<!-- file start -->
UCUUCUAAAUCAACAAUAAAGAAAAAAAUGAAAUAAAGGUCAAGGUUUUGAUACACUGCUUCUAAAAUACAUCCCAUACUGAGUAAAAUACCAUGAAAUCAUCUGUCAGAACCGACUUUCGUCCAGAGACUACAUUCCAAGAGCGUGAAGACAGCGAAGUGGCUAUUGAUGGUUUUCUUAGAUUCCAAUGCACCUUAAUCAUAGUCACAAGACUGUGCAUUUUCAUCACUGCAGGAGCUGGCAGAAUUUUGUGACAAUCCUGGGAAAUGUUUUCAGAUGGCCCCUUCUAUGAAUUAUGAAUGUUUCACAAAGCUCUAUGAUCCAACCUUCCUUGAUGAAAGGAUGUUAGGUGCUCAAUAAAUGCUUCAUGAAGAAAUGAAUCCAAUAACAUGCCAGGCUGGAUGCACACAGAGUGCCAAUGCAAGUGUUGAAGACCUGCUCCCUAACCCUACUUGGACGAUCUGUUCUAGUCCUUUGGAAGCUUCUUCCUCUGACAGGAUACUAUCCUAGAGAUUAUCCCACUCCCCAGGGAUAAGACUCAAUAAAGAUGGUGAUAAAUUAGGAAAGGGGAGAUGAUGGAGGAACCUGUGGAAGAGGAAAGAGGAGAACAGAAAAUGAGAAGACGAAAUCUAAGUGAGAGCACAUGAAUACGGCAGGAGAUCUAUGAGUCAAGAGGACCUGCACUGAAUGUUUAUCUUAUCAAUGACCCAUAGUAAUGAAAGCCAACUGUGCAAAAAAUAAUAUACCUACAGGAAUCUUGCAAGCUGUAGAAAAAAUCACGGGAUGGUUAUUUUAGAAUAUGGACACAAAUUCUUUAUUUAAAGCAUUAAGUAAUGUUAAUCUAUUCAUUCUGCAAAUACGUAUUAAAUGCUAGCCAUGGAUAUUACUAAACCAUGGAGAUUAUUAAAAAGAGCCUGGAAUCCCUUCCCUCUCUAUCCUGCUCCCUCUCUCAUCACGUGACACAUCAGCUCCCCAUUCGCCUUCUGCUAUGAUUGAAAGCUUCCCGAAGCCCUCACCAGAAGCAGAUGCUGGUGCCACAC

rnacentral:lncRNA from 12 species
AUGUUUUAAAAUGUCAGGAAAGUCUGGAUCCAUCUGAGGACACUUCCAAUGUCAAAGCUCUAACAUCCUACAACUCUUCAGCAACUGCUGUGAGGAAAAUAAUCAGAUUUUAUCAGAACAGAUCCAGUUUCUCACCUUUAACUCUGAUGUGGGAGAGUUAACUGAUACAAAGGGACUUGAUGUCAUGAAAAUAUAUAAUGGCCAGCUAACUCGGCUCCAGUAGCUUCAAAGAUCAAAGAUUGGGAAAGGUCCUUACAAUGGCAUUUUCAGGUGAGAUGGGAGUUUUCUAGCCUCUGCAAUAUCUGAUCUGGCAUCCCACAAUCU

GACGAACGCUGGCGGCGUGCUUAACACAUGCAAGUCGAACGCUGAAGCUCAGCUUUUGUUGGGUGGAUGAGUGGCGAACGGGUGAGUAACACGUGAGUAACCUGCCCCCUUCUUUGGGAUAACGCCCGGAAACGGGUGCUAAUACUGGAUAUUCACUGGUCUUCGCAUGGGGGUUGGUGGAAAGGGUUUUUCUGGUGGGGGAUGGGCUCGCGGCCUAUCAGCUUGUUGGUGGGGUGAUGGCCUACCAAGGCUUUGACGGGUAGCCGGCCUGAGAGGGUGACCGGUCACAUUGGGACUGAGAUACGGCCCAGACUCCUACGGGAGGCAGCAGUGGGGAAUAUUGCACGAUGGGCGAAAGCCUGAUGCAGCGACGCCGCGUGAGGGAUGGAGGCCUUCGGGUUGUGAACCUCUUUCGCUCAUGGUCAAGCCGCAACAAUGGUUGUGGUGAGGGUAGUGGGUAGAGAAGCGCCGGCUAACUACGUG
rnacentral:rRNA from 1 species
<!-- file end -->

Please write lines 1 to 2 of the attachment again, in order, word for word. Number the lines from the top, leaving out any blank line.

UCUUCUAAAUCAACAAUAAAGAAAAAAAUGAAAUAAAGGUCAAGGUUUUGAUACACUGCUUCUAAAAUACAUCCCAUACUGAGUAAAAUACCAUGAAAUCAUCUGUCAGAACCGACUUUCGUCCAGAGACUACAUUCCAAGAGCGUGAAGACAGCGAAGUGGCUAUUGAUGGUUUUCUUAGAUUCCAAUGCACCUUAAUCAUAGUCACAAGACUGUGCAUUUUCAUCACUGCAGGAGCUGGCAGAAUUUUGUGACAAUCCUGGGAAAUGUUUUCAGAUGGCCCCUUCUAUGAAUUAUGAAUGUUUCACAAAGCUCUAUGAUCCAACCUUCCUUGAUGAAAGGAUGUUAGGUGCUCAAUAAAUGCUUCAUGAAGAAAUGAAUCCAAUAACAUGCCAGGCUGGAUGCACACAGAGUGCCAAUGCAAGUGUUGAAGACCUGCUCCCUAACCCUACUUGGACGAUCUGUUCUAGUCCUUUGGAAGCUUCUUCCUCUGACAGGAUACUAUCCUAGAGAUUAUCCCACUCCCCAGGGAUAAGACUCAAUAAAGAUGGUGAUAAAUUAGGAAAGGGGAGAUGAUGGAGGAACCUGUGGAAGAGGAAAGAGGAGAACAGAAAAUGAGAAGACGAAAUCUAAGUGAGAGCACAUGAAUACGGCAGGAGAUCUAUGAGUCAAGAGGACCUGCACUGAAUGUUUAUCUUAUCAAUGACCCAUAGUAAUGAAAGCCAACUGUGCAAAAAAUAAUAUACCUACAGGAAUCUUGCAAGCUGUAGAAAAAAUCACGGGAUGGUUAUUUUAGAAUAUGGACACAAAUUCUUUAUUUAAAGCAUUAAGUAAUGUUAAUCUAUUCAUUCUGCAAAUACGUAUUAAAUGCUAGCCAUGGAUAUUACUAAACCAUGGAGAUUAUUAAAAAGAGCCUGGAAUCCCUUCCCUCUCUAUCCUGCUCCCUCUCUCAUCACGUGACACAUCAGCUCCCCAUUCGCCUUCUGCUAUGAUUGAAAGCUUCCCGAAGCCCUCACCAGAAGCAGAUGCUGGUGCCACAC

rnacentral:lncRNA from 12 species